Tai Chi the Martial arts & the Philosophy

While many of us may know that tai chi provides a great many health benefits, few realize the origins of tai chi as one of the most effective martial arts.  In fact, in China it’s not called tai chi which is the abbreviated version we use here in Australia. Instead, the Chinese only know it by its full name tai chi chuan or taijiquan. Tai chi chuan also spelled taijiquan means ‘supreme ultimate fist’ and originates from Chinese boxing.

 

Tai chi was initially borne out of the more utilitarian and practical need for protection and self-defence as a martial art. It developed over the centuries into several various different styles.  Then, tai chi spread to the general population and today, easily over 30 million people practice it per day for its well-known physical and mental health benefits. 

The Chinese National Wushu Research Institute

 

To get the real story on the martial arts origin of tai chi, let’s look to

the official records in the Chinese National Wushu Research Institute (Kuo Jia Di Wei Wushu Yen Qiu Yuan) which are also published in The History of Chinese Wushu (Zhong Kuo Wushu Shi).  Each of these sources give us the history of wushu, a word which translates to wu meaning “martial” or “military” and shu meaning “art”, “discipline” or “skill”. ‘These official records were documented after exhaustive research by renowned martial arts historian Tang Hao (1897 – 1959) who based his conclusions on the earliest scripts ever found and created by retired military official Chen Wangting.

Chen Wangting, who was a royal guard or military officer from the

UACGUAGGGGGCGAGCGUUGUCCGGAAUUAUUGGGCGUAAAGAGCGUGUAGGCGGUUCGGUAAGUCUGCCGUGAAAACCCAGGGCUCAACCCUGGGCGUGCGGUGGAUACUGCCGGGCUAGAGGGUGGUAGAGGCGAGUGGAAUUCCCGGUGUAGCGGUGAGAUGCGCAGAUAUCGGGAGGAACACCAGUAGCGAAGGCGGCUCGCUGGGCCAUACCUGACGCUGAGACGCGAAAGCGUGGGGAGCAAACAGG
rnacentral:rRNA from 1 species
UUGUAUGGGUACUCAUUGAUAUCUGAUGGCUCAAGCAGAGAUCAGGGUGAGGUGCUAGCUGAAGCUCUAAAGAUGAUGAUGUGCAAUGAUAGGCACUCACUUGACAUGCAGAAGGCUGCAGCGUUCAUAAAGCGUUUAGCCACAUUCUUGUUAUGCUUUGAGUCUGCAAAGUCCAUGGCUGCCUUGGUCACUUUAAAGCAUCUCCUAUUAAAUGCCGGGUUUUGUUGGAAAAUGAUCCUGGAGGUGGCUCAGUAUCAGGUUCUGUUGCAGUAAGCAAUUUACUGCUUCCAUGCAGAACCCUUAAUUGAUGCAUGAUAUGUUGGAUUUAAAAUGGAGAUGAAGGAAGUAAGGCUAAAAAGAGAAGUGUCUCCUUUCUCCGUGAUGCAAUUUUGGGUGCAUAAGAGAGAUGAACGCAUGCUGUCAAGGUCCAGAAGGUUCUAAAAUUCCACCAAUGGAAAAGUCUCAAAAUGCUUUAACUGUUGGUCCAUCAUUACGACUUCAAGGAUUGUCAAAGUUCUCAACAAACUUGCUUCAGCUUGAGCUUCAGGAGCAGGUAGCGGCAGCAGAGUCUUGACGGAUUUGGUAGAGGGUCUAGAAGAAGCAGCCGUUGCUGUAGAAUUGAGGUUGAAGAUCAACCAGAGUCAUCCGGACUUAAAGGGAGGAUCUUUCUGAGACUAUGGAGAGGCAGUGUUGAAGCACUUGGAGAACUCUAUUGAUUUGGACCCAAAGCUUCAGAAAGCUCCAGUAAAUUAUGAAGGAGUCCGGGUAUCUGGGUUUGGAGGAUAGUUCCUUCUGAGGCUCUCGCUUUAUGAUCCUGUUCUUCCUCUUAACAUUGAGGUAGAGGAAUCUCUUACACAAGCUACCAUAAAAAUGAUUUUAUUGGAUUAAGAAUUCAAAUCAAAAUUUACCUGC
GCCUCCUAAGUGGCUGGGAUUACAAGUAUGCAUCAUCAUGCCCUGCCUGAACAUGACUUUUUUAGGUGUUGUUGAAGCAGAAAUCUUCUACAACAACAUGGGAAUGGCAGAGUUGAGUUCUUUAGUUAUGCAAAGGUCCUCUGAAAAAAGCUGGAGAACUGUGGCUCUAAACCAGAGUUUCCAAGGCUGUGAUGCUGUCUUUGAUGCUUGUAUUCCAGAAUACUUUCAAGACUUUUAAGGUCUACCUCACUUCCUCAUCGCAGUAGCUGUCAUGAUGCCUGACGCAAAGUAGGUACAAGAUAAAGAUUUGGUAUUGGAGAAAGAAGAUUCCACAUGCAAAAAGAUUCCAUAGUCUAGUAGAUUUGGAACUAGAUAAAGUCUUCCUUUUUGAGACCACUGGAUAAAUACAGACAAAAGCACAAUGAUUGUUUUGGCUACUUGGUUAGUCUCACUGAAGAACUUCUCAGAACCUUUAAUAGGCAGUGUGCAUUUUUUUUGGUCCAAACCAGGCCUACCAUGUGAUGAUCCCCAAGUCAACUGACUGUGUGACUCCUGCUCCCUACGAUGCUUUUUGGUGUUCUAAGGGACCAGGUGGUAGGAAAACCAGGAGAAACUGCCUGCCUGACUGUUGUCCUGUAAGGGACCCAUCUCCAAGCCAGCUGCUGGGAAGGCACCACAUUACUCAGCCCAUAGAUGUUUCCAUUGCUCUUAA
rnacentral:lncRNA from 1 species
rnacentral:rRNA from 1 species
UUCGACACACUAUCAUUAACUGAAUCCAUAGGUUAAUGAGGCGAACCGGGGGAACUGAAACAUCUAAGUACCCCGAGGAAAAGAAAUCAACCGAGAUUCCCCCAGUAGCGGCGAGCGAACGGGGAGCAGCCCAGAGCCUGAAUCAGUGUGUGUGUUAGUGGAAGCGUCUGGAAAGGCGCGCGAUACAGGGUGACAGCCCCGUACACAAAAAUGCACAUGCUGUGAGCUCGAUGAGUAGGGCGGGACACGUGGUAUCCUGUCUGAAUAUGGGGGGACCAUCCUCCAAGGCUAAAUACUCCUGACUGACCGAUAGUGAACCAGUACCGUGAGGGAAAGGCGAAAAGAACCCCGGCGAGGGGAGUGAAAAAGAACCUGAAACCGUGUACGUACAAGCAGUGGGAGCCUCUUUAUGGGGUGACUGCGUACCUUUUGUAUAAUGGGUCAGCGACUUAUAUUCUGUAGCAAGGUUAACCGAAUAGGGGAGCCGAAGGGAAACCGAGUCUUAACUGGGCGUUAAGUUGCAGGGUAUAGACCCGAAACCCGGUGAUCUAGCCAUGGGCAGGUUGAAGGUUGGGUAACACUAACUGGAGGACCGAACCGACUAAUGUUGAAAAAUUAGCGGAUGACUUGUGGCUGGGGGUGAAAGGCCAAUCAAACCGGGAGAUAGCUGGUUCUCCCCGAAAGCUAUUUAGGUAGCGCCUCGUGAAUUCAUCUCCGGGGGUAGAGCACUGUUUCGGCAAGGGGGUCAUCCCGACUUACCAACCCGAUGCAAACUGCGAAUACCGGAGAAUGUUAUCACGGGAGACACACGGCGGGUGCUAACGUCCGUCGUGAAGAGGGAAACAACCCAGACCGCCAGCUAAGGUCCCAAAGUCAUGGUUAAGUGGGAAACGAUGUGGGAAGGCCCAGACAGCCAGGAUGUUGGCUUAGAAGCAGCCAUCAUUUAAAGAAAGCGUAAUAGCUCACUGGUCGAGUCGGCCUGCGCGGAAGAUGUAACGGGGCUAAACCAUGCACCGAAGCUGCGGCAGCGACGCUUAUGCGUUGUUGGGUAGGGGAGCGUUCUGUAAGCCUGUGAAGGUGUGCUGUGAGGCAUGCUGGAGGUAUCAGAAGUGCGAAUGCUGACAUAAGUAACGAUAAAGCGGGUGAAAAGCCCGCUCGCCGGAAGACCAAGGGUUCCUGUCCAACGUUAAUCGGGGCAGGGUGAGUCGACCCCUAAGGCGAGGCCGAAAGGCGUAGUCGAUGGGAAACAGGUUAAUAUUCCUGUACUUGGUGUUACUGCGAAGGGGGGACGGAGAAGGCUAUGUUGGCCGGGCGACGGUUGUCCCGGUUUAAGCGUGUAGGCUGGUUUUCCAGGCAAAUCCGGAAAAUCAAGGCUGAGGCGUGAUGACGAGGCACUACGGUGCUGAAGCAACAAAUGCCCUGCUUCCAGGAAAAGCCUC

Ming Dynasty, had retired to his family village of Chenjiagou during the 17th century as soon as the Qing Dynasty began to replace the leaders of the Ming Dynasty. In the village of Chenjiagou, Chen Wangting spent his days farming, studying and teaching tai chi martial arts. His fighting system was inspired by many of the military techniques found in the Canon of Boxing developed during the Ming Dynasty (1368 – 1644) by General Qi Jiguang.

Chen Wangting creatively scripted the original tai chi incorporating not only military techniques but yin and yang philosophies as well as Chinese health methods which are part of TCM (Traditional Chinese Medicine).  For many generations, the Chen family continued their tai chi practice and with each successor, the family continued to contribute enhancements to evolve and grow the discipline of tai chi. Tai chi served the Chen family well and they became well-known as bodyguards and escorts for the wealthy merchants who needed to transport their wares through the countryside.

For more details about the origins of tai chi, consider reading the book Chen Style Taijiquan – The Source of Taiji Boxing by Davidine Siaw-Voon Sim and David Gaffney.

The Theory of Yin and Yang in Martial Arts

One of the cornerstone principles of tai chi is the concept of yin and yang. The philosophy of yin and yang is an all-encompassing view of how opposites are complimentary. This is a Chinese philosophy and found in many aspects of the culture including martial arts, science, medicine or TCM (Traditional Chinese Medicine), philosophy and religion.​

​Chen Wangting integrated yin and yang concepts into the movements of tai chi which has made tai chi 

such an effective martial art.  Yin and yang concepts within tai chi movements include the idea that within a calm mind there must be concentration to execute movements that are biomechanically effective and balanced.  Within a relaxed body, there must be inner core strength ready to explode with power. 

Within movements, there is centred stillness that provides the rooting to pre-empt the opponent’s intentions.  Yin and yang must co-exist in balance and be present in every move, alternating or flowing seamlessly from one to the other.